5 Reasons Your Ankles Hurt from Running (and How to Make Pesky Pain go Away!)

Running with ankle pain HURTS. Learn the top reasons why you get sore ankles from running so you can figure out how to fix it and get back in the game.

As an avid runner, there’s nothing that gets you more down in the dumps than persistent ankle pain. Yeah, we know you’re a stud and subscribe to the whole “no pain no gain” ideology. But considering that your running career could be ruined by ignoring ankle pain, it might be time to take things down a notch (sorry, not sorry).

Our bodies rack up some serious wear-and-tear from pounding the pavement every day. The repeated impact of each step puts stress on our skeletons which results in sprains, tears, fractures, and chronic pain.  Can anyone say ouch?

Ankle pain is one of the most common injuries that stops runners in their tracks. What starts as an annoying twinge can quickly turn into a throbbing mess if you don’t nip it in the bud. Remember, the Millennial mantra of “treat yo’ self” doesn’t just apply to shopping sprees—it’s a great reminder to treat our bodies with kindness as well.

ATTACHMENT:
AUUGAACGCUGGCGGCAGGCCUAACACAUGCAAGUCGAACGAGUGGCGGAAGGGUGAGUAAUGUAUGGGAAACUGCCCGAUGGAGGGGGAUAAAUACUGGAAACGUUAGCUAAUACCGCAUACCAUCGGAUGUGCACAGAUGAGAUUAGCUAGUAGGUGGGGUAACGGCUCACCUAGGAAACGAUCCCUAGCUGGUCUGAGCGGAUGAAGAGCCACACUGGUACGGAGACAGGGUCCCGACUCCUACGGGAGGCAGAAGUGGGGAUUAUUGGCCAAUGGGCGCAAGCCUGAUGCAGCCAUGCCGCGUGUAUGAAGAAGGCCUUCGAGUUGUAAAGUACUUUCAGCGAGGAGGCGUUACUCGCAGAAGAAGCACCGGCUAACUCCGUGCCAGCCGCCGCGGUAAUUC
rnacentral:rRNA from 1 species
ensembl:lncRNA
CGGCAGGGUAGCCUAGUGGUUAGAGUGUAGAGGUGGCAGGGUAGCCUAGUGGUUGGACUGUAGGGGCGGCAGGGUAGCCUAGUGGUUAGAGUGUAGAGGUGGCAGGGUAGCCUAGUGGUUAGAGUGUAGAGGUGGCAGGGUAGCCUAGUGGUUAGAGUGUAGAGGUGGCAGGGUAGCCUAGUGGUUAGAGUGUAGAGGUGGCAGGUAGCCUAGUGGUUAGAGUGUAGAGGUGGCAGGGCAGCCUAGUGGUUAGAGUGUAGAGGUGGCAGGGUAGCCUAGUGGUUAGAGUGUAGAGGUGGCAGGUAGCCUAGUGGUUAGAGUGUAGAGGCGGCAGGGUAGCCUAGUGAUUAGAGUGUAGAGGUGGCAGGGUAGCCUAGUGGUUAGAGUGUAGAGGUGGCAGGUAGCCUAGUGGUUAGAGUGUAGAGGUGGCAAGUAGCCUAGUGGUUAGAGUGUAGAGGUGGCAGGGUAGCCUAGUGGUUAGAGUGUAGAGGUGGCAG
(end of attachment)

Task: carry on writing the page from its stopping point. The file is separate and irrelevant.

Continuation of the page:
So, how do you cope with consistent ankle pain?

Let’s take a look at the five most common reasons why you feel like your joints are being stabbed by tiny red-hot pokers. Okay, that might be a bit of an exaggeration, but ankle pain sucks no matter what so we’ll also talk about how you can fix it. Click on a link below to get started—relief is just around the corner!

Sore Ankles from Running

Out of all the common running injuries we experience, sore ankles can be particularly brutal. Not only do they cut your training routine short, but they also seep into your day-to-day life.  Want to take Fido for a walk? BAM! Hit with the ankle pain. How about strolling through the grocery store looking for snacks? WHAM! There comes that pain again.

This kind of injury can happen to seasoned athletes and running novices alike. In other words, no one is safe from The Ankle Pain (yikes!!) But don’t despair just yet. There are plenty of ways to prevent, alleviate, and treat your ankle pain so you can get off the sidelines and back into the game.

The hard part is determining which type of running injury you might have. Here’s a fun fact: each foot has 26 bones, 33 joints, and hundreds of tendons and muscles. That’s a lot of moving parts—which can make it difficult to pinpoint exactly where the pain is coming from. Many athletes confuse serious ankle pain for foot cramps, which makes knowing the symptoms even more important.